How Mexico’s Nuevo León State Landed Tesla’s First Plant In Latin America

Mexico’s first Tesla plant will be built in the Santa Catarina municipality of the state capital Monterrey

La Gigafábrica de Tesla en Shanghai. Fotógrafo: Qilai Shen/Bloomberg
March 01, 2023 | 01:19 PM

Read this story in


Mexico City — Elon Musk has chosen the northern Mexican state of Nuevo León to build Tesla’s (TSLA) first gigafactory in Latin America, and which will be the company’s largest, amidst the trend of nearshoring and the nascent transition to electromobility in the country.

Tesla’s new electric vehicle plant will be located in the Santa Catarina municipality of Monterrey, capital of Nuevo León, which is around 640km from the company’s gigafactory in Texas, and which is the global headquarters of the company owned by the world’s richest person.

Tesla to Build EV Assembly Plant in Mexico

Musk will be able to get from Santa Catarina to Texas in seven hours by driving his electric car, crossing the border through Nuevo Laredo, or across the Colombia Bridge, where there is an exclusive lane for Tesla suppliers.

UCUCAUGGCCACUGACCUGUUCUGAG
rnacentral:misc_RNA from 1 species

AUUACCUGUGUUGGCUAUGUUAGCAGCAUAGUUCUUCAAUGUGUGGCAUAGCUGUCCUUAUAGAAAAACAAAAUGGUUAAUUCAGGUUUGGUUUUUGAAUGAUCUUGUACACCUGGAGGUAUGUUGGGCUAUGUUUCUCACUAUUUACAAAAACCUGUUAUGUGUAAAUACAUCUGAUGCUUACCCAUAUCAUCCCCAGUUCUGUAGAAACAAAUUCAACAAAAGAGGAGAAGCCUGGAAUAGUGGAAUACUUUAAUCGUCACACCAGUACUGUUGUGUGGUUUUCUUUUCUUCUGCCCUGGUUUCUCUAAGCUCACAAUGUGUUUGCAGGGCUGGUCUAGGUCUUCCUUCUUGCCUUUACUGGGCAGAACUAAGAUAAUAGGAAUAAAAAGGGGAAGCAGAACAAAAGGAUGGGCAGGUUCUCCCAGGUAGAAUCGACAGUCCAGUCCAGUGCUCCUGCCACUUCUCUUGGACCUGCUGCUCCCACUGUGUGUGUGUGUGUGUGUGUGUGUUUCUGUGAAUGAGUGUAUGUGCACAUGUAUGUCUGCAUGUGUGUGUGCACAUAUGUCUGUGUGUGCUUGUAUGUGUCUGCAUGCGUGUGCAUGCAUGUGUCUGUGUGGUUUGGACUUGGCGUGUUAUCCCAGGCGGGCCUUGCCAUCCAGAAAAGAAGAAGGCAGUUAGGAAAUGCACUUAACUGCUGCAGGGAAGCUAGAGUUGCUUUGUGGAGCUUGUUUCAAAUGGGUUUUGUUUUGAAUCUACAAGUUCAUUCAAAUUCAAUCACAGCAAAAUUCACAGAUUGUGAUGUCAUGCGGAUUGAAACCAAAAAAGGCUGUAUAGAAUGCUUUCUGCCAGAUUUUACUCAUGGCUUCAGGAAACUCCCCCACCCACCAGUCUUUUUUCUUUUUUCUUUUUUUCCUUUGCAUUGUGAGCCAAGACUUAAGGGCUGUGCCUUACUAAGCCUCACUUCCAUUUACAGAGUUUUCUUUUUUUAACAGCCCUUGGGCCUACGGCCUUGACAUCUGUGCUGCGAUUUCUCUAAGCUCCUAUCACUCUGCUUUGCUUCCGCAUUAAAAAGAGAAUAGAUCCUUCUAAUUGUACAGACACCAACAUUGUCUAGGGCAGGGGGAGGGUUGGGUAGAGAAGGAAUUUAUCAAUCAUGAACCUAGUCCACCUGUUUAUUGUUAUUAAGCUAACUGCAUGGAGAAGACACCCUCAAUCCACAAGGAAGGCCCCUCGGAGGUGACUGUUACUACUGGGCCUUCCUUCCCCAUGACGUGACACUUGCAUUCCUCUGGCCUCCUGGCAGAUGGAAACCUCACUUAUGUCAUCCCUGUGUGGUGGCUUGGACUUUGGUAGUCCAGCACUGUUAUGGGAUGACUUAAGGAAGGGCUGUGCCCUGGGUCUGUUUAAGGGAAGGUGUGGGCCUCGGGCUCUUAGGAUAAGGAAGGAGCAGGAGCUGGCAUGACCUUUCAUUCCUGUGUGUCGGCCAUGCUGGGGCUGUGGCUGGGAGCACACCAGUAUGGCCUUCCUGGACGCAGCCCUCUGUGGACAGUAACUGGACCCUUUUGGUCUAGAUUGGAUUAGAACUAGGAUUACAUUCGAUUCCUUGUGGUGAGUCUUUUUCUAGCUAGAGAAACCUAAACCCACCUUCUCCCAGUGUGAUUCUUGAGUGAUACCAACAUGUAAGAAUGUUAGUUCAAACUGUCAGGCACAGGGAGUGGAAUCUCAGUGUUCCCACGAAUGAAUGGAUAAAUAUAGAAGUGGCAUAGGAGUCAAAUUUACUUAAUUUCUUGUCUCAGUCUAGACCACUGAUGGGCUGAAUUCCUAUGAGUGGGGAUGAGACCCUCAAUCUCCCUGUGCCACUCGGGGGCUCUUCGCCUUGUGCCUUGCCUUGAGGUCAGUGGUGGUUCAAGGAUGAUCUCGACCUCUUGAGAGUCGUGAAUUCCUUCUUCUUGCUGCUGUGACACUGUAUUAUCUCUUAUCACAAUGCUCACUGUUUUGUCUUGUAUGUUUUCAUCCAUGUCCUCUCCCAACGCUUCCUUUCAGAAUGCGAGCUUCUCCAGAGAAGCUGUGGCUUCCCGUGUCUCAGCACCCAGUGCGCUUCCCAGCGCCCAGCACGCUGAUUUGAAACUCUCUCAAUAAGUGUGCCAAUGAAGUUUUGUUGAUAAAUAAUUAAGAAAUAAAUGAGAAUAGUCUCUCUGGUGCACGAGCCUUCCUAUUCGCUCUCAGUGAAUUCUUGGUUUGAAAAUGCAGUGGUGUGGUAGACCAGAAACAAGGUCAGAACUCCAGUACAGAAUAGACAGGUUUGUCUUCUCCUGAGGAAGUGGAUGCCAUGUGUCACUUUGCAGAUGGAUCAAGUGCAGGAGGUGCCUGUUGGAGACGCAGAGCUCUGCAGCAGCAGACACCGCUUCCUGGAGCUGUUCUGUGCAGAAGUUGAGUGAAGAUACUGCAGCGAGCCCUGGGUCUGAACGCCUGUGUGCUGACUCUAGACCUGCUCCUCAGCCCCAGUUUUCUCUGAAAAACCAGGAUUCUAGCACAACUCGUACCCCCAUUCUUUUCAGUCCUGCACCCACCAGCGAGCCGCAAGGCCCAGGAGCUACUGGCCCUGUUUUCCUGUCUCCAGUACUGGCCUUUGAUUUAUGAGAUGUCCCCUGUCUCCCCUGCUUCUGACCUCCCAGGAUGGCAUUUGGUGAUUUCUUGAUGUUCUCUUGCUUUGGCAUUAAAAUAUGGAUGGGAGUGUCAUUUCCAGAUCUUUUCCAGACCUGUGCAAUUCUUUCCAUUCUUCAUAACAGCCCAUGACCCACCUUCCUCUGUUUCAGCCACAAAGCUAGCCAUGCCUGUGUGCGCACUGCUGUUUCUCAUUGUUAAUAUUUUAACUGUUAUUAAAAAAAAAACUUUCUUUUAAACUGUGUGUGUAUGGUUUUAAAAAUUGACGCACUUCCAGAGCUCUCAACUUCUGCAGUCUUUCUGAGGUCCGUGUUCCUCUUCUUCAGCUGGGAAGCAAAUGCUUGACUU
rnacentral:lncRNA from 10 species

The distance and land connection are just two of the factors that influenced Musk’s decision to choose Nuevo León for the new plant, and Tesla’s investment in Mexico had been mulled over for a year by President Andrés Manuel López Obrador and the Nuevo León state government, headed by governor Samuel García.


Watch a video of Presidente Andrés Manuel López Obrador’s announcement of the Tesla investment (in Spanish):

How did Santa Catarina win the investment?

The mayor of Santa Catarina, a municipality known as ‘the gateway’ to Nuevo León. Jesus Nava stated on his Instagram account that Tesla’s million-dollar investment could represent five times the private investment that has come to the area in the last 10 years.

In the days prior to the confirmation of the company’s arrival in Mexico, several states in the country raised their hands to host the new gigafactory, however, Nuevo León had probably already won the bid for the investment even before AMLO, as the president is known, confirmed in his Tuesday morning conference Tesla’s landing in the country.